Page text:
Is it fair to tax my pension income?

Michelle Cracknell
19 August 2016

Q

I am over 60, but I still contribute towards my pension savings. I do not get any tax relief because I don’t earn enough to pay income tax. When I retire, my pension income will be high enough to incur income tax. This doesn’t seem fair.

Is there anything I can do to recover the tax at that time? Or, as a low-paid worker, am I set to lose out twice?

From
CL/Saltcoats

A

I presume that the pension scheme that you are referring to is an ‘auto-enrolment’ pension, which your employer has set up for you.

There are two types of arrangements: a net pay scheme or a relief at source scheme. The type of scheme determines what you’ll see on your pay slip and your tax treatment.

 

With a net pay scheme, your employer takes your contribution from your pay before it’s taxed. 

You only pay tax on what’s left. This means taxpayers get full tax relief, no matter if they pay tax at the basic, higher or additional rate because the money is taken before tax is levied.

The amount you’ll see on your pay slip is your contribution plus the tax relief. Unfortunately, this means that you won’t get tax relief because you don’t pay tax.

In contrast, with a relief-at-source scheme your employer takes your pension contribution after taking tax and National Insurance from your pay. However much you earn, your pension provider then adds tax relief to your pension pot at the basic rate.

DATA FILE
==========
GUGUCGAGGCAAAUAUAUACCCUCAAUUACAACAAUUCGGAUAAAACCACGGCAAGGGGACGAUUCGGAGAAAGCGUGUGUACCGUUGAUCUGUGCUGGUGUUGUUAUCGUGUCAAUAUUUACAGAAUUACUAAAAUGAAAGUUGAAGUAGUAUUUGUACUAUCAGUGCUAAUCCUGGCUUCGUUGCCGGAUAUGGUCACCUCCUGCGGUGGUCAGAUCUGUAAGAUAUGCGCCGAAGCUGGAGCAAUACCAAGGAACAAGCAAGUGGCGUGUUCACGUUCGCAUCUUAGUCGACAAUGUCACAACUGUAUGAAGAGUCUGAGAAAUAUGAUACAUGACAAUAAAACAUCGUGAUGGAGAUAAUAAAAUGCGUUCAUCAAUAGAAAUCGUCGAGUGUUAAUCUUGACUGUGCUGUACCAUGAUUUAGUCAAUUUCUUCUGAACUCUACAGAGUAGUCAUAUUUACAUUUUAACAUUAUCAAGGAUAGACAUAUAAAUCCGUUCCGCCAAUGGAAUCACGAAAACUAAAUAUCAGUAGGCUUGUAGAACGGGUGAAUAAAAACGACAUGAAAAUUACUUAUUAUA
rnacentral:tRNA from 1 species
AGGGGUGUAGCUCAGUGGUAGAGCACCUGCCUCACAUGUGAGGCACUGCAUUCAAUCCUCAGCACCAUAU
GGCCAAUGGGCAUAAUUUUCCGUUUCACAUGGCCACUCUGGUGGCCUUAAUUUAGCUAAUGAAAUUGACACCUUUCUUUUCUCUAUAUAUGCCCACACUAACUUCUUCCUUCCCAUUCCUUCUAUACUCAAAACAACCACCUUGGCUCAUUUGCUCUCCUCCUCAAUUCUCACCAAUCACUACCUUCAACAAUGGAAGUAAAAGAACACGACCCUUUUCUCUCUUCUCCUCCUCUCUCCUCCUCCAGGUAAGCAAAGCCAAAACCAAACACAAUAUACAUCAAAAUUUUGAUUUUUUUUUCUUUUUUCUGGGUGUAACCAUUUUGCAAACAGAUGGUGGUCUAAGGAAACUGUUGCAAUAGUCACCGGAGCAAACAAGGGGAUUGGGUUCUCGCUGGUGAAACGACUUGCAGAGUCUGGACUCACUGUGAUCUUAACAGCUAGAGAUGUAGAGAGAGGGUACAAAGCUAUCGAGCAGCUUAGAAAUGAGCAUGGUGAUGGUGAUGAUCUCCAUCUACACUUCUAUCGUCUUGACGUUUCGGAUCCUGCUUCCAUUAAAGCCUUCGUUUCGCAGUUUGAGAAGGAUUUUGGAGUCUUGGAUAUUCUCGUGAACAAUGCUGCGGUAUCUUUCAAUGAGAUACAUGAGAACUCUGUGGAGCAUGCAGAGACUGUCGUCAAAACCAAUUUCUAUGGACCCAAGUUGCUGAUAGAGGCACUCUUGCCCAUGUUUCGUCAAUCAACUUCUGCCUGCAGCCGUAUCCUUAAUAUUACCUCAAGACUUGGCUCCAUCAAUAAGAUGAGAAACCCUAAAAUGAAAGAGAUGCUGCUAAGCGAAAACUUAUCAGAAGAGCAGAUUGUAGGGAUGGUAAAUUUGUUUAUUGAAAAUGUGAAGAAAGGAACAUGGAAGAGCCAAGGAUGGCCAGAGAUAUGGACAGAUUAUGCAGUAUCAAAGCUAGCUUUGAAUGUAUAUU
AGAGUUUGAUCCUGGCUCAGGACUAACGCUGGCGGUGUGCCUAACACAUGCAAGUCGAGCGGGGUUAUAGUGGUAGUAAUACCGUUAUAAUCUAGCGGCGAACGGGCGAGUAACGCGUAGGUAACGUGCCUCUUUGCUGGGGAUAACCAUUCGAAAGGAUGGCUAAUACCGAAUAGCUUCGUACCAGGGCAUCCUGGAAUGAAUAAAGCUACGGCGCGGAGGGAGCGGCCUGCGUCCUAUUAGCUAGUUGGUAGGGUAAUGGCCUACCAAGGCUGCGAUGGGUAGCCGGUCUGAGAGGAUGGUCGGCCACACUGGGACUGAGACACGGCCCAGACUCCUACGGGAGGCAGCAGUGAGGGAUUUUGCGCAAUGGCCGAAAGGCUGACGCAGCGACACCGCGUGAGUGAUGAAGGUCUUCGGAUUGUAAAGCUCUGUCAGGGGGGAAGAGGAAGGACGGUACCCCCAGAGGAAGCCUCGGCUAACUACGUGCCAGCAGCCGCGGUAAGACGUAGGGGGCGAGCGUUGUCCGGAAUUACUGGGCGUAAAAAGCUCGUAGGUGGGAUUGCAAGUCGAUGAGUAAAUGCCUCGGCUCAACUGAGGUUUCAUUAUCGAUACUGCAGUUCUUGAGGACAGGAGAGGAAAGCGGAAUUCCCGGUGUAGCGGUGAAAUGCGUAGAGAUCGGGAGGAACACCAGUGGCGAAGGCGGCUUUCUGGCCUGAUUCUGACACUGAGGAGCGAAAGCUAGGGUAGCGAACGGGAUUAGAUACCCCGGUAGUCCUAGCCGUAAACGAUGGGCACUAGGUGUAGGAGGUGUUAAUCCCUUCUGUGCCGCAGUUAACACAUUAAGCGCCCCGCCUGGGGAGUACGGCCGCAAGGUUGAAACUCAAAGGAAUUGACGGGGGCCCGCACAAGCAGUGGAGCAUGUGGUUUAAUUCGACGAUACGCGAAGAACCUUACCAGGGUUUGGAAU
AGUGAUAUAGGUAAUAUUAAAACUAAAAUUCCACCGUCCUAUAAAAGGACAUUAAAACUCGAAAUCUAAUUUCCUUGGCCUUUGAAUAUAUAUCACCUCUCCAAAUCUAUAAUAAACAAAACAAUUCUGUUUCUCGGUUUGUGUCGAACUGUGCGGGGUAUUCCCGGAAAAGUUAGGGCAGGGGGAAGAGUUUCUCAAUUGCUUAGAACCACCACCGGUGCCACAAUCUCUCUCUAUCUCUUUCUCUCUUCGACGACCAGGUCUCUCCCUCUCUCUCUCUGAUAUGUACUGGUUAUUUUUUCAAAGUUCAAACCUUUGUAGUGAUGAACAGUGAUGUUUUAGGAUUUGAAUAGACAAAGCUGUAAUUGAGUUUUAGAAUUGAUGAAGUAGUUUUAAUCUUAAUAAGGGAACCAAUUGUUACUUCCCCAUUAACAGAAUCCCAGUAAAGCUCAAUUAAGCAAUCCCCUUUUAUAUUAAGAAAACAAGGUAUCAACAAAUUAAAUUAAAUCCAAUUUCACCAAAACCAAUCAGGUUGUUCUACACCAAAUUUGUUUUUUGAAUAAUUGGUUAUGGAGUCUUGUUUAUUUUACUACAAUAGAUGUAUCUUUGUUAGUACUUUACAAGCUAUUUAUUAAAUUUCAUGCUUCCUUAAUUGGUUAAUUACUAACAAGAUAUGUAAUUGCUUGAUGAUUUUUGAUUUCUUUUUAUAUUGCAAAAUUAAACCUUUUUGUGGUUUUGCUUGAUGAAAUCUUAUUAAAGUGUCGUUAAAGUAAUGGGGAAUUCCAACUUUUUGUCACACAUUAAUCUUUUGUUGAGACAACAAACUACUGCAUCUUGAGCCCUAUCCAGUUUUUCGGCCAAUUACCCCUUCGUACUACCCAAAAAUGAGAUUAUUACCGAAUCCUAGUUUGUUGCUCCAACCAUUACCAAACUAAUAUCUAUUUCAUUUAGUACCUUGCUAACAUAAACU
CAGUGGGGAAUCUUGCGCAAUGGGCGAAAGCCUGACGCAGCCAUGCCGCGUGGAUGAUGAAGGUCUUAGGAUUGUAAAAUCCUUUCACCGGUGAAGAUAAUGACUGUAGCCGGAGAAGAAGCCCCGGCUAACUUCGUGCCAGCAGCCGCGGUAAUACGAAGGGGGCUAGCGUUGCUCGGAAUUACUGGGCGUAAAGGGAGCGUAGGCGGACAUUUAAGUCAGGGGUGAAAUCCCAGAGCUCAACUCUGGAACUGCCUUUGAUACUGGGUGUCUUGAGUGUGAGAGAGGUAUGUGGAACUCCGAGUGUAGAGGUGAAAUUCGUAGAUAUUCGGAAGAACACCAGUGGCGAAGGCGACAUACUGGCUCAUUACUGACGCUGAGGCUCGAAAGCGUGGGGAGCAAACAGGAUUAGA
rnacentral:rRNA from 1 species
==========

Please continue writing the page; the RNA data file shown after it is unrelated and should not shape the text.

With ‘relief at source’, the amount you see on your pay slip is only your contributions, not the tax relief. If your employer had this system, then you would benefit from tax relief even if you are not currently a taxpayer.

In terms of what you can do, if your employer has set up a net pay scheme, then you will not be able to benefit from tax relief. However, you may be able to ask your employer to consider setting up a relief-at- source scheme, particularly if they employ a number of other people who are non-taxpayers.

You can get further information on the government’s website at Gov.uk/workplace-pensions/managing-your-pension or on The Pension Regulator’s website at Thepensionsregulator.gov.uk/individuals/workers-and-workplace-pensions.aspx.

Once you start receiving your pension, there are ways you may be able to reduce the tax you pay. You could take amounts out of your pension pot in the form of a tax- free cash sum and an income. Only the income is taken into account when calculating if you pay tax.

You are allowed to take 25% of your pension pot tax-free, but you don’t have to take it all at once. You could take a lump sum each year to reduce what you take as income.

 

For example, if your state pension is £8,000 a year and you need another £2,000 a year income, you could take £500 as the tax-free cash sum and £1,500 as income. This would keep your income below the personal allowance and therefore free from income tax.